Explaining Sub-Sahara Africa's recent economic growth acceleration

Ocbamariam Bekit, Fordham University


Economic growth and poverty reduction in sub Sahara Africa have dominated theoretical and empirical debate for a long time. In the empirical literature, researchers have stressed different views to explain the recent growth episode in the region. The current study uses a panel of 45 countries with four year averages over the period 1996 to 2008 to identify the key determinants of the recent growth acceleration in sub-Sahara Africa. Among the major conclusions emerging from the study is that foreign direct investment, foreign aid, private investment, and human capital growth had the largest positive and robustly significant impacts on per capita GDP growth during this period. Improved governance and terms of trade also had a positive and moderately significant impact on the recent growth, but do not explain much of the growth acceleration. Higher ethnic fractionalization, inflation, HIV/AIDS, and unsustainable foreign debt had negative and moderately significant impact on growth. It appears that ethnic fractionalization reduces human capital investment and to a lesser extent the efficiency of institutions. The disaggregation of investment in to private and public investments clearly indicates that private investment has a greater impact on growth than public investment. The overall policy implication is that sub-Saharan African governments must establish and maintain economic policies that raise the ratio of private and public investment to GDP, promote human capital development, increase foreign direct investment, increase trade openness, increase foreign aid, reduce inflation, and improve governance. The study also discussed a policy framework to promote sustainable growth and reduce poverty in sub-Sahara Africa.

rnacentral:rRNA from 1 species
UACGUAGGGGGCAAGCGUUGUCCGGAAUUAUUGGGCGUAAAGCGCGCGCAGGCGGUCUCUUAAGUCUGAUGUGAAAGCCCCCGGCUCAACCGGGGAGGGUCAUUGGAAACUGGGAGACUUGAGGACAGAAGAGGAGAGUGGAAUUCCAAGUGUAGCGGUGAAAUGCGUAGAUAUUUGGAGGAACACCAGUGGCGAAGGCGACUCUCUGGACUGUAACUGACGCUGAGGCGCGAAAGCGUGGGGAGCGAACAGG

Subject Area

Economics|Economic theory|Sub Saharan Africa Studies

Recommended Citation

Bekit, Ocbamariam, "Explaining Sub-Sahara Africa's recent economic growth acceleration" (2011). ETD Collection for Fordham University. AAI3452798.